Both Lauzen’s and Smith’s data show that when a woman is behind the camera and/or screenplay, 39 percent of protagonists are female. In movies by male directors, only four percent of the lead characters are female.

A century ago, male dominance behind the camera and on the screen was not the norm. For women behind the camera, it’s been the norm since 1920. And for women onscreen, it’s been the norm since 1950. Because of this, moviegoers have a distorted picture of America as predominantly male and predominantly Caucasian, when it is neither. (For finer-grain data on minority representation, see this annual report from UCLA’s Bunche Center.)

The Force Reawakens

The Hollywood Dream Factory tailors the majority of its product to the measurements of the men in the audience. This troubles those who want their daughters to partake of the same professional opportunities, cultural representation, and dream lives as their sons. While “Nine to Five,” “Norma Rae,” and “Erin Brockovich” show that studios love stories of women who triumph over the odds, there is less obvious love for female filmmakers trying to beat the odds stacked against them in their professional lives.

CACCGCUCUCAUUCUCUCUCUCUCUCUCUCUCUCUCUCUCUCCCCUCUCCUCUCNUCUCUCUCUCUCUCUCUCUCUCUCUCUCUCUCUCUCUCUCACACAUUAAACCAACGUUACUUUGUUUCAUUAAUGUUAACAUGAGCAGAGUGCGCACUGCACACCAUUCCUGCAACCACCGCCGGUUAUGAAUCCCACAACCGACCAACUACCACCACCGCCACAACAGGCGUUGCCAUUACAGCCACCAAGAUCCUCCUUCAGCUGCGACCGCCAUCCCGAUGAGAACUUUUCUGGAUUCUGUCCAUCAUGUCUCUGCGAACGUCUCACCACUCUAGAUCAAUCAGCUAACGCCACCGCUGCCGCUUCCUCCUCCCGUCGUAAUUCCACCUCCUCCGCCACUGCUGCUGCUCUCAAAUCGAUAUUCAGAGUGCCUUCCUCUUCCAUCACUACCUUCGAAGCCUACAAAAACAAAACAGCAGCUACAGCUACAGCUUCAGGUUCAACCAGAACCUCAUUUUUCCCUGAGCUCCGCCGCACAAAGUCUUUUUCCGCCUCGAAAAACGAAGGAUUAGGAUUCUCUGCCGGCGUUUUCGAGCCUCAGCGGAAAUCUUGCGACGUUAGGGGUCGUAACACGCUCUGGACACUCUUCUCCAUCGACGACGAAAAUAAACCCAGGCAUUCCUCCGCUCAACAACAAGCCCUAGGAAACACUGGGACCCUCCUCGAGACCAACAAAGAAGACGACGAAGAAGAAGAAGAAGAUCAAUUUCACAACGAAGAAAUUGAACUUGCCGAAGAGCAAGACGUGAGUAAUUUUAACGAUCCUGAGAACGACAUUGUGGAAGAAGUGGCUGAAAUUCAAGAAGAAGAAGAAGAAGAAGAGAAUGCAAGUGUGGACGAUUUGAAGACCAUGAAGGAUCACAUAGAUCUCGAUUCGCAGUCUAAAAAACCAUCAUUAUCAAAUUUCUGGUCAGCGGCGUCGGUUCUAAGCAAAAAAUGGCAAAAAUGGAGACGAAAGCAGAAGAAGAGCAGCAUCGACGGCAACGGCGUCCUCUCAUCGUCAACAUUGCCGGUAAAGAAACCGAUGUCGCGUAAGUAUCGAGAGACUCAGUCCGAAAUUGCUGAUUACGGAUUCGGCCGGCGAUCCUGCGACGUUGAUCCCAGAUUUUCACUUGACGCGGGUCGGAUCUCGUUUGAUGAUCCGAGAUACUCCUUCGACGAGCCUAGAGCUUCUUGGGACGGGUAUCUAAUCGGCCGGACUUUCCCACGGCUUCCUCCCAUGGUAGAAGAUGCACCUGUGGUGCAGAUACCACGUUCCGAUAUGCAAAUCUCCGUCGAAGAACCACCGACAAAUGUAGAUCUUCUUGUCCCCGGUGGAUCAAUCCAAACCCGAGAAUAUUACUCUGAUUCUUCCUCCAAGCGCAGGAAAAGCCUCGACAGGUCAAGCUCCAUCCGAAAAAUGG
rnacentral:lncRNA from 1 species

Since the Original Six filed suit against two studios in 1983 (see Part 3), female filmmakers have met, strategized, and troubleshot. So much so that in one of her final essays before her death in 2012, Nora Ephron made a list of “Things I Won’t Miss.” Near the top: “Panels on Women in Film.” Many women in film felt as though they were running in place.

“Instead of holding a million panels about it,” Christine Vachon, producer of “Boys Don’t Cry” and “Carol,” exclaimed at the 2016 Sundance Festival, “let’s do something about it!”

Someone had. She is Maria Giese, director of the feature films “When Saturday Comes” and “Hunger.” In February 2013 she brought a complaint to the Equal Employment Opportunity Commission (Eeoc) in Los Angeles. Her contention was that the cohort of working filmmakers in the Directors Guild of America (DGA), of which she is a member, was overwhelmingly male.

(While the number of women in the guild directing episodic television amounts to 17 percent, the DGA 2015 census of female filmmakers registered 6.4 percent. That’s lower than the nine percent of female coal miners, and fractional next to the 32 percent of practicing physicians and 36 percent of practicing lawyers who are women).

The Eeoc, which collects data on employer/employee relations for each calendar year, was reluctant to take on a class-action suit.